Also note that the bootstrapping process of the corda.jar unpacks the Corda dependencies into a temporary folder. It is therefore suggested that the CAPSULE_CACHE_DIR environment variable be set before starting the process to control this location.

Installing apps

Once you have created your app JAR you can install it to a node by adding it to <node_dir>/plugins/. In this case the node_dir is the location where your node server’s JAR and configuration file is.

Note

If the directory does not exist you can create it manually.

Starting your node

Now you have a node server with your app installed, you can run it by navigating to <node_dir> and running:

Windows:   java -jar corda.jar
UNIX:      ./corda.jar

The plugin should automatically be registered and the configuration file used.

Warning

If your working directory is not <node_dir> your plugins and configuration will not be used.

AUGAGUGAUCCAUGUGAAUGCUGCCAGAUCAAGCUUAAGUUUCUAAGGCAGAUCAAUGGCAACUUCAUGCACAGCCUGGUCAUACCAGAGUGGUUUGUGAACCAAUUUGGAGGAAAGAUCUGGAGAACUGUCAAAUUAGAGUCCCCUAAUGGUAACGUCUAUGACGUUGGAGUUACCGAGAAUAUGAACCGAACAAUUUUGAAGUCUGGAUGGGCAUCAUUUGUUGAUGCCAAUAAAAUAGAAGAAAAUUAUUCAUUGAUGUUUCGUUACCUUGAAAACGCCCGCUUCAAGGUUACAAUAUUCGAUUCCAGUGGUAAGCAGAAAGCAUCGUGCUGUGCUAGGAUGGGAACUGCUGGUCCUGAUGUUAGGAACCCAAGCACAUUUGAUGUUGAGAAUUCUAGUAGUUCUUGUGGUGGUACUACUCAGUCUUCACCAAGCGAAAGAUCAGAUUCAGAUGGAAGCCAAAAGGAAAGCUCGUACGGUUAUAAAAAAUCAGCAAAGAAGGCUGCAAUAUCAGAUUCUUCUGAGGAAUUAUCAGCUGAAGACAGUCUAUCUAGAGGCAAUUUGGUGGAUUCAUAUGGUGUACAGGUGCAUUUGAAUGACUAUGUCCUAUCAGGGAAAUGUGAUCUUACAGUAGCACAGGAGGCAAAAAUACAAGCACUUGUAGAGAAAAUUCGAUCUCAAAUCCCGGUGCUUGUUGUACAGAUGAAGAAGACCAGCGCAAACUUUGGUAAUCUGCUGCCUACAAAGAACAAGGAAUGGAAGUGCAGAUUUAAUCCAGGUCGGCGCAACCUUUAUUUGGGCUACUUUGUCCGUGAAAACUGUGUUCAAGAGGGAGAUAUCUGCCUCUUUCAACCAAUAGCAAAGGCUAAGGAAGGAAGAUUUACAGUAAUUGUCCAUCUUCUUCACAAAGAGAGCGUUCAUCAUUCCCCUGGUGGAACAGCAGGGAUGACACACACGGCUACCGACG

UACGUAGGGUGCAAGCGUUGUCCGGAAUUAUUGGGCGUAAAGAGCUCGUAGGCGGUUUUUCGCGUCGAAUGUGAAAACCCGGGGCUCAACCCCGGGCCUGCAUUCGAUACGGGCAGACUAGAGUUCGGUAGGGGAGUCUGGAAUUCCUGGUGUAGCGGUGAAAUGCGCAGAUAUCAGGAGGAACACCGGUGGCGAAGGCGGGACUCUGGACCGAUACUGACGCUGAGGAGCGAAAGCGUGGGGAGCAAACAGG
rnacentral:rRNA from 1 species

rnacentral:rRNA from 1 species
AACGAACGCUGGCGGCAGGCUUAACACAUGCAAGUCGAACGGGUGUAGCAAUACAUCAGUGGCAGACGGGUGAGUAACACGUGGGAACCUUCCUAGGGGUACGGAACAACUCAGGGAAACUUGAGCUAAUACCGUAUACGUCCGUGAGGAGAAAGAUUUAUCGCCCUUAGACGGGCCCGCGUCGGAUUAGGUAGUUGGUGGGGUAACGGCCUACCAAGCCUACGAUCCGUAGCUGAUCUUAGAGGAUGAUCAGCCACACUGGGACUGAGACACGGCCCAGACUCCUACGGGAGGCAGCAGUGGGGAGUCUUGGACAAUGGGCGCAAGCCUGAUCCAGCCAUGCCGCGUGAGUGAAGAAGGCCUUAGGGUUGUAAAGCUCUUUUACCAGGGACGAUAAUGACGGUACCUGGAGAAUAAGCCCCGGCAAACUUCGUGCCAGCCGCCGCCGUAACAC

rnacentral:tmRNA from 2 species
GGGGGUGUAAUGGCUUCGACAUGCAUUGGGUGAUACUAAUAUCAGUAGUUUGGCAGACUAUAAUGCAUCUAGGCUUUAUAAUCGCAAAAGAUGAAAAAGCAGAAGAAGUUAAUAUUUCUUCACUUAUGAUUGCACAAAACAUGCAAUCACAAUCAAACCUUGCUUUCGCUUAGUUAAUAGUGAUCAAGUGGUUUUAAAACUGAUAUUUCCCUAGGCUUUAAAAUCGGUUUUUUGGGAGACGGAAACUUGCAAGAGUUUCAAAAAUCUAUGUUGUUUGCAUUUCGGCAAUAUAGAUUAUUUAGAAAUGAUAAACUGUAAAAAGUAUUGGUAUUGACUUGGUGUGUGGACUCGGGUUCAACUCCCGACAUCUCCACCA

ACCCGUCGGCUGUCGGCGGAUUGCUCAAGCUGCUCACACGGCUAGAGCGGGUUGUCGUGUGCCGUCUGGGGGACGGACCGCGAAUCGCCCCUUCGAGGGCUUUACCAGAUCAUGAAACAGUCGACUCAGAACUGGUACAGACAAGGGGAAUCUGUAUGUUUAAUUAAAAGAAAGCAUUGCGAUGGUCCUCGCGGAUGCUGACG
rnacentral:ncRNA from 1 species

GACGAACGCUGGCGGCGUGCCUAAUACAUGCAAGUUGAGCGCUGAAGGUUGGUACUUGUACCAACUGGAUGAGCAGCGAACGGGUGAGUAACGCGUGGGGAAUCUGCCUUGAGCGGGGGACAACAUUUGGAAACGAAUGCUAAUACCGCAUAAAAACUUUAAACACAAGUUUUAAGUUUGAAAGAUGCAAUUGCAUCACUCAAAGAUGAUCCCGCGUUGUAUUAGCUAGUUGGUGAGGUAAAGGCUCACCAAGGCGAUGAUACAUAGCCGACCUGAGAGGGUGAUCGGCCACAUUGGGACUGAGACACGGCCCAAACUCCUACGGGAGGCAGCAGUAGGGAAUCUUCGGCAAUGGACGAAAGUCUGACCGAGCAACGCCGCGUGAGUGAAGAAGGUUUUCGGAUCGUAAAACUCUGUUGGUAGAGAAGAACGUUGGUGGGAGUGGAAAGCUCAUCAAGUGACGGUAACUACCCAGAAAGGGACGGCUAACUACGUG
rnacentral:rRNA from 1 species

The configuration file and workspace paths can be overidden on the command line e.g.

./corda.jar --config-file=test.conf --base-directory=/opt/r3corda/nodes/test.

Otherwise the workspace folder for the node is the current working path.

Debugging your node

To enable remote debugging of the corda process use a command line such as:

java -Dcapsule.jvm.args="-agentlib:jdwp=transport=dt_socket,server=y,suspend=y,address=5005" -jar corda.jar

This command line will start the debugger on port 5005 and pause the process awaiting debugger attachment.

Viewing persisted state of your node

To make examining the persisted contract states of your node or the internal node database tables easier, and providing you are using the default database configuration used for demos, you should be able to connect to the internal node database over a JDBC connection at the URL that is output to the logs at node start up. That URL will be of the form jdbc:h2:tcp://<host>:<port>/node.

The user name and password for the login are as per the node data source configuration.

The name and column layout of the internal node tables is in a state of flux and should not be relied upon to remain static at the present time, and should certainly be treated as read-only.

Building against Corda

To publish to your local Maven repository (in ~/.m2 on Unix and %HOMEPATH%\.m2 on Windows) run the following in the root directory of the Corda code: